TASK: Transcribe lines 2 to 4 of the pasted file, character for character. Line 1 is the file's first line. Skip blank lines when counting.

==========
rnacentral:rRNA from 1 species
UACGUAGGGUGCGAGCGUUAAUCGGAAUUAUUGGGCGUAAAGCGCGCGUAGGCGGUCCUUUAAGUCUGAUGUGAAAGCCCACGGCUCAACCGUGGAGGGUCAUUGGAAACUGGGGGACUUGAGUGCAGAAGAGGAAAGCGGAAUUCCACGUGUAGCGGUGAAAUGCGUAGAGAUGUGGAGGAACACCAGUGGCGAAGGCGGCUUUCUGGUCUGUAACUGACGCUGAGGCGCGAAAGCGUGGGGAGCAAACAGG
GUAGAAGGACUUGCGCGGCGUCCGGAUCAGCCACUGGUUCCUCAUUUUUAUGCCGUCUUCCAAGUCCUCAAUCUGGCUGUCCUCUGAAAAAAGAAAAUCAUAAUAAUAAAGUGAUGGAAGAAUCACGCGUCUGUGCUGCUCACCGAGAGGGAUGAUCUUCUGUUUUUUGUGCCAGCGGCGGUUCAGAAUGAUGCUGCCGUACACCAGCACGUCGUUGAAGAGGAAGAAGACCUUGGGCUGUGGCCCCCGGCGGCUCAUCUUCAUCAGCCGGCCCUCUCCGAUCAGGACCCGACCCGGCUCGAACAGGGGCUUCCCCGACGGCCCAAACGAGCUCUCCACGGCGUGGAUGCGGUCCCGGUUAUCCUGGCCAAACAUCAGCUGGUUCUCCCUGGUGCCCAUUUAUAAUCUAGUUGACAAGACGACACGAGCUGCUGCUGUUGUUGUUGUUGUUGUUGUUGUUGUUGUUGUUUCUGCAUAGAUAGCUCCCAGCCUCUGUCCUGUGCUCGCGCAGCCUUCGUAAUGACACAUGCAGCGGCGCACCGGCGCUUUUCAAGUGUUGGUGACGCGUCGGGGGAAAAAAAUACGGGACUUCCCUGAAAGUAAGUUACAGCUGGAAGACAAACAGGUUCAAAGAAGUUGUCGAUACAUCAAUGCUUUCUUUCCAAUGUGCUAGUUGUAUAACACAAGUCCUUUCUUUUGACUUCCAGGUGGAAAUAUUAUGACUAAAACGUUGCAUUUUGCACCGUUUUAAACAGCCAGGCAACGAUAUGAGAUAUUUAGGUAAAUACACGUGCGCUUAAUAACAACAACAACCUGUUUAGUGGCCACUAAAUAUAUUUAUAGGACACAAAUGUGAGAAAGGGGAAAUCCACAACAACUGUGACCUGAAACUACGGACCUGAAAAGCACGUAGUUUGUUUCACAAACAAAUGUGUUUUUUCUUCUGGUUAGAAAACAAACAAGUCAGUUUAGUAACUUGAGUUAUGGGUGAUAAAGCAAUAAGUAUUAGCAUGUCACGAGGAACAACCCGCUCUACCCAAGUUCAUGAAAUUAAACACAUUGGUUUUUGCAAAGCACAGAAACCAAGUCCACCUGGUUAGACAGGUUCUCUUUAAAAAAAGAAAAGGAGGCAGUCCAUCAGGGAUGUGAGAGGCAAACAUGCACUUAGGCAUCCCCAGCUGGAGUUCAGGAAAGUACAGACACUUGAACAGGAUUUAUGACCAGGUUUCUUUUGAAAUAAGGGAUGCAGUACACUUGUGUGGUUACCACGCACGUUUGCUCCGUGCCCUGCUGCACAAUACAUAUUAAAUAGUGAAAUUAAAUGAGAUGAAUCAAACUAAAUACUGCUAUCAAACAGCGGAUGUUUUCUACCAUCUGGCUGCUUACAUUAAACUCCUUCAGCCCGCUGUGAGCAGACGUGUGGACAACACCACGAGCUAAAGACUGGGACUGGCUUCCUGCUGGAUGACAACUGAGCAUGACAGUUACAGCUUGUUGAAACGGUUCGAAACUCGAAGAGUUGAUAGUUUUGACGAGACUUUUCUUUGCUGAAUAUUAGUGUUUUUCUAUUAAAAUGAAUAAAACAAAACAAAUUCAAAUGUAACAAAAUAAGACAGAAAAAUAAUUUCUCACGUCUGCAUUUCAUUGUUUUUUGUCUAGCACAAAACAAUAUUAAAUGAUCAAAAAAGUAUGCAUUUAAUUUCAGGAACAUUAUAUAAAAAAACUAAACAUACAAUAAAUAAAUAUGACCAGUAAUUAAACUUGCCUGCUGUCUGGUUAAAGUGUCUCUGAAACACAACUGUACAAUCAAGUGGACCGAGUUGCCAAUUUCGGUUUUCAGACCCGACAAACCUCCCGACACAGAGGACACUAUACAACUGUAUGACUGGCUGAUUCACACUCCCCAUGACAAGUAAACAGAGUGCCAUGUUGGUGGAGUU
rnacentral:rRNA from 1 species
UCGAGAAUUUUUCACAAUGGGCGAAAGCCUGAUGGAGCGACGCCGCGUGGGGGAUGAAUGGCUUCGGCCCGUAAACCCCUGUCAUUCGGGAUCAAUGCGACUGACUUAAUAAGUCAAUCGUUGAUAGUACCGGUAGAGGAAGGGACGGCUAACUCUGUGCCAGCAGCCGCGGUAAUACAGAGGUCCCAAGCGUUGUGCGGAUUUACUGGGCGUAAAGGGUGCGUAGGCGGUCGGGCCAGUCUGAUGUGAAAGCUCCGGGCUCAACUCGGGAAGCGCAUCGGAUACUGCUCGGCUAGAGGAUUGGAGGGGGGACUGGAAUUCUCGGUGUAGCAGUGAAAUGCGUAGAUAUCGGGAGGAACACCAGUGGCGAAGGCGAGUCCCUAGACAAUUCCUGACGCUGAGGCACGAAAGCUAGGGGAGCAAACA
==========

UACGUAGGGUGCGAGCGUUAAUCGGAAUUAUUGGGCGUAAAGCGCGCGUAGGCGGUCCUUUAAGUCUGAUGUGAAAGCCCACGGCUCAACCGUGGAGGGUCAUUGGAAACUGGGGGACUUGAGUGCAGAAGAGGAAAGCGGAAUUCCACGUGUAGCGGUGAAAUGCGUAGAGAUGUGGAGGAACACCAGUGGCGAAGGCGGCUUUCUGGUCUGUAACUGACGCUGAGGCGCGAAAGCGUGGGGAGCAAACAGG
GUAGAAGGACUUGCGCGGCGUCCGGAUCAGCCACUGGUUCCUCAUUUUUAUGCCGUCUUCCAAGUCCUCAAUCUGGCUGUCCUCUGAAAAAAGAAAAUCAUAAUAAUAAAGUGAUGGAAGAAUCACGCGUCUGUGCUGCUCACCGAGAGGGAUGAUCUUCUGUUUUUUGUGCCAGCGGCGGUUCAGAAUGAUGCUGCCGUACACCAGCACGUCGUUGAAGAGGAAGAAGACCUUGGGCUGUGGCCCCCGGCGGCUCAUCUUCAUCAGCCGGCCCUCUCCGAUCAGGACCCGACCCGGCUCGAACAGGGGCUUCCCCGACGGCCCAAACGAGCUCUCCACGGCGUGGAUGCGGUCCCGGUUAUCCUGGCCAAACAUCAGCUGGUUCUCCCUGGUGCCCAUUUAUAAUCUAGUUGACAAGACGACACGAGCUGCUGCUGUUGUUGUUGUUGUUGUUGUUGUUGUUGUUGUUUCUGCAUAGAUAGCUCCCAGCCUCUGUCCUGUGCUCGCGCAGCCUUCGUAAUGACACAUGCAGCGGCGCACCGGCGCUUUUCAAGUGUUGGUGACGCGUCGGGGGAAAAAAAUACGGGACUUCCCUGAAAGUAAGUUACAGCUGGAAGACAAACAGGUUCAAAGAAGUUGUCGAUACAUCAAUGCUUUCUUUCCAAUGUGCUAGUUGUAUAACACAAGUCCUUUCUUUUGACUUCCAGGUGGAAAUAUUAUGACUAAAACGUUGCAUUUUGCACCGUUUUAAACAGCCAGGCAACGAUAUGAGAUAUUUAGGUAAAUACACGUGCGCUUAAUAACAACAACAACCUGUUUAGUGGCCACUAAAUAUAUUUAUAGGACACAAAUGUGAGAAAGGGGAAAUCCACAACAACUGUGACCUGAAACUACGGACCUGAAAAGCACGUAGUUUGUUUCACAAACAAAUGUGUUUUUUCUUCUGGUUAGAAAACAAACAAGUCAGUUUAGUAACUUGAGUUAUGGGUGAUAAAGCAAUAAGUAUUAGCAUGUCACGAGGAACAACCCGCUCUACCCAAGUUCAUGAAAUUAAACACAUUGGUUUUUGCAAAGCACAGAAACCAAGUCCACCUGGUUAGACAGGUUCUCUUUAAAAAAAGAAAAGGAGGCAGUCCAUCAGGGAUGUGAGAGGCAAACAUGCACUUAGGCAUCCCCAGCUGGAGUUCAGGAAAGUACAGACACUUGAACAGGAUUUAUGACCAGGUUUCUUUUGAAAUAAGGGAUGCAGUACACUUGUGUGGUUACCACGCACGUUUGCUCCGUGCCCUGCUGCACAAUACAUAUUAAAUAGUGAAAUUAAAUGAGAUGAAUCAAACUAAAUACUGCUAUCAAACAGCGGAUGUUUUCUACCAUCUGGCUGCUUACAUUAAACUCCUUCAGCCCGCUGUGAGCAGACGUGUGGACAACACCACGAGCUAAAGACUGGGACUGGCUUCCUGCUGGAUGACAACUGAGCAUGACAGUUACAGCUUGUUGAAACGGUUCGAAACUCGAAGAGUUGAUAGUUUUGACGAGACUUUUCUUUGCUGAAUAUUAGUGUUUUUCUAUUAAAAUGAAUAAAACAAAACAAAUUCAAAUGUAACAAAAUAAGACAGAAAAAUAAUUUCUCACGUCUGCAUUUCAUUGUUUUUUGUCUAGCACAAAACAAUAUUAAAUGAUCAAAAAAGUAUGCAUUUAAUUUCAGGAACAUUAUAUAAAAAAACUAAACAUACAAUAAAUAAAUAUGACCAGUAAUUAAACUUGCCUGCUGUCUGGUUAAAGUGUCUCUGAAACACAACUGUACAAUCAAGUGGACCGAGUUGCCAAUUUCGGUUUUCAGACCCGACAAACCUCCCGACACAGAGGACACUAUACAACUGUAUGACUGGCUGAUUCACACUCCCCAUGACAAGUAAACAGAGUGCCAUGUUGGUGGAGUU
rnacentral:rRNA from 1 species